A sourdough boule made from ingredients that are fairly local to me in Surrey, UK. The cheese (Spenwood) is strong and nutty; the ale (Hogs Back Brewery) is so easy to drink! They do not take over from the deep tang of the bread but they are most certainly there as complementary bedfellows!
Toasted and buttered, this bread is seriously heavenly; there is certainly no chance of having left-overs!
About the starter:
I used my rye starter that I fed the day before with rye flour but any active starter works brilliantly. I normally feed with about 150g flour and 150ml water, stirring well to incorporate before covering. The starter is ready to use in a recipe if a small amount of it dropped into water floats.
I went for a lower overall hydration than I would do for an unflavoured sourdough when I first made this but I have increased the ale content with very good results.
Full detail on sourdough, including how to make a starter, is on my post here.
You can make a non-sourdough version using 4g dried yeast instead of the starter, and increasing the flour content to 500g and the ale content to about 340-370ml. However, I urge you to let the bread have its first rise the fridge slowly to develop the flavour significantly.
The bread works excellently with cheeses such as Parmesan, Cheddar or white crumbly cheeses such as Cheshire or Lancashire. And of course different ales work well.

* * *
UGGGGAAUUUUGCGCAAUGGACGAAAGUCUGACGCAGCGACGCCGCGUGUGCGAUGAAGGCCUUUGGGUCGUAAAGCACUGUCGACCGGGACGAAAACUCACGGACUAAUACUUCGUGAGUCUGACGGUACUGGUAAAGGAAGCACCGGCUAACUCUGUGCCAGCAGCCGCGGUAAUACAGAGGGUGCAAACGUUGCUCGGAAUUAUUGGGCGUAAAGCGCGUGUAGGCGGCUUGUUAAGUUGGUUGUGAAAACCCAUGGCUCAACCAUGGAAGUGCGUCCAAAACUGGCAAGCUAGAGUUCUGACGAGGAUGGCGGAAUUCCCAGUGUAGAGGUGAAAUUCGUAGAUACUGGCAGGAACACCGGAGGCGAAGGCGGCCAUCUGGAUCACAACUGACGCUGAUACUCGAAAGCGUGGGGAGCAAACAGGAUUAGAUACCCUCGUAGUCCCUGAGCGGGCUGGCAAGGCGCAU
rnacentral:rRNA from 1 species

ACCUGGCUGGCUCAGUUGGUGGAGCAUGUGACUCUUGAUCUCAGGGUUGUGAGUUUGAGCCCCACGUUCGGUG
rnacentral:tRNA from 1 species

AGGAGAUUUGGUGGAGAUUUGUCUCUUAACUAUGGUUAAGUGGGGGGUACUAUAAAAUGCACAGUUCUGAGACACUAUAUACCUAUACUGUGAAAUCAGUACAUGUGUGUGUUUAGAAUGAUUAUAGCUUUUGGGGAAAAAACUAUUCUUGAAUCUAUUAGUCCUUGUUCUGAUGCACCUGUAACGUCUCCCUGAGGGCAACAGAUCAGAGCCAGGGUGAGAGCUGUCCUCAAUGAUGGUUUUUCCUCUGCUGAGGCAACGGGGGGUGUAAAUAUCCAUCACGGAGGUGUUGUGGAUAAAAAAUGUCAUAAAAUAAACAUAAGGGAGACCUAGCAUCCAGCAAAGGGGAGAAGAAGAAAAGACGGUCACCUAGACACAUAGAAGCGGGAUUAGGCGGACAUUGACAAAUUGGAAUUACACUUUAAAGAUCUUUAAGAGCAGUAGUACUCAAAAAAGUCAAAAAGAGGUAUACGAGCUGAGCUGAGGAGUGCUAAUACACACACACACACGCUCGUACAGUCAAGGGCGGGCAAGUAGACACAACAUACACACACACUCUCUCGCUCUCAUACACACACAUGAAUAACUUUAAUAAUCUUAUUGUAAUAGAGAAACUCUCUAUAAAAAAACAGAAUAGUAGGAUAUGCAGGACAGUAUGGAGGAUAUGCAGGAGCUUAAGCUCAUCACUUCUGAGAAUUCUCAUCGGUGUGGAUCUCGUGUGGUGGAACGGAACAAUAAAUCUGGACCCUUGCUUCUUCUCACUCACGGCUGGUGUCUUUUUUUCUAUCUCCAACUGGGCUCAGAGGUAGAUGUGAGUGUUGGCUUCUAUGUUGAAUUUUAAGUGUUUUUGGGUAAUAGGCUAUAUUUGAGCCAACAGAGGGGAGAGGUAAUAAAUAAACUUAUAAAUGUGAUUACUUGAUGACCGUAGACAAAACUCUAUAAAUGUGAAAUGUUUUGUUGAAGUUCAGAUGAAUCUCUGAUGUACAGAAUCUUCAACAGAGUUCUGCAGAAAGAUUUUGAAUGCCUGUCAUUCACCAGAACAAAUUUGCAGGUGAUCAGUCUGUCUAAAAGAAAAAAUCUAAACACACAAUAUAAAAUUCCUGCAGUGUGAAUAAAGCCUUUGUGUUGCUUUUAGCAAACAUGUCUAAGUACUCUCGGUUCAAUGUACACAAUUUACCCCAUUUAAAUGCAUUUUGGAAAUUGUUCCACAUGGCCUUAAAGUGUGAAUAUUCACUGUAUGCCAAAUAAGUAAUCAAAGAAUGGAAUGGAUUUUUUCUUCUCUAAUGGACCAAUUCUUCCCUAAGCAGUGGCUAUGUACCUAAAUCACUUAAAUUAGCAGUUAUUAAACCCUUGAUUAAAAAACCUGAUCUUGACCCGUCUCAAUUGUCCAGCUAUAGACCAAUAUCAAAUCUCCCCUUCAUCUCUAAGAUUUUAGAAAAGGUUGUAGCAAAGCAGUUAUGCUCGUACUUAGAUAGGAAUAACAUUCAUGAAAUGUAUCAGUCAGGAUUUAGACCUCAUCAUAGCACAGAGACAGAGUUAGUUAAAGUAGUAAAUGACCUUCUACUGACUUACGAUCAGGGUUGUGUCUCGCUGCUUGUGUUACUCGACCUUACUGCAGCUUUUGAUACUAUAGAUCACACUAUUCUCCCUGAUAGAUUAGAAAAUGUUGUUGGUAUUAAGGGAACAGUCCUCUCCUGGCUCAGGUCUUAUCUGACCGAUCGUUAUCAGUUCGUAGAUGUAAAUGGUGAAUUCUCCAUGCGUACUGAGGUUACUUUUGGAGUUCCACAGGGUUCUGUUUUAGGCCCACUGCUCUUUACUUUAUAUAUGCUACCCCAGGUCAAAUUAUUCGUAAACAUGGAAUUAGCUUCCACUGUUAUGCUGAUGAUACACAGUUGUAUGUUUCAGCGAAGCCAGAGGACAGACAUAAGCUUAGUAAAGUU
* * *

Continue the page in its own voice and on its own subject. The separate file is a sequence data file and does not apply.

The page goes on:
Cheese & ale sourdough: makes 1 large boule
- 400g organic strong white plain flour
- 8g fine sea salt
- 200g sourdough starter, fed the day before (see above)
- 240-270ml Hogs Back Traditional English Ale
- 90g Spenwood cheese, cubed
(1) Mix the flour, salt and cheese in a bowl. Add the starter and most of the ale, stirring everything together, adding more ale if necessary to form a soft dough. Knead for 15-20 minutes until the dough is more elastic.
(2) Place in a large bowl and cover with clingfilm. Leave to prove until about double in size: my preference is leaving the dough at warmish room temperature for a few hours to help it start rising, and then transferring it in the fridge for up to 48 hours – the longer you leave it, the tangier the bread.
(3) Turn out onto a lightly floured board and knead lightly. Shape into a boule and place in a well-floured banneton, which also has a generous sprinkling of semolina and/or rice flour: this is for extra insurance so the the dough will turn out easily without sticking after its second proving.
(4) Dust the dough’s surface with flour and cover loosely with clingfilm. Leave to prove until the dough has well risen. Don’t over-prove: the dough should still feel fairly firm with a bit of bounce when you gently prod it; it shouldn’t feel too delicate as if it is about to collapse!
(5) Preheat the oven to its highest setting and place a solid roasting tin on the bottom and a solid baking sheet on the top shelf.
(6) Turn the dough onto the hot baking sheet and score with a razor: just a few determined slashes, not going too deep. Place in the oven and pour some cold water into the roasting tin to create a good amount of steam and close the door. Bake for 10 minutes at this setting before turning the oven down to 220C(fan). Continue to bake for a further 40 minutes or so: the bread should have a deep golden brown colour and sound very hollow underneath.
(7) Transfer to a wire rack and cool fully before slicing and eating.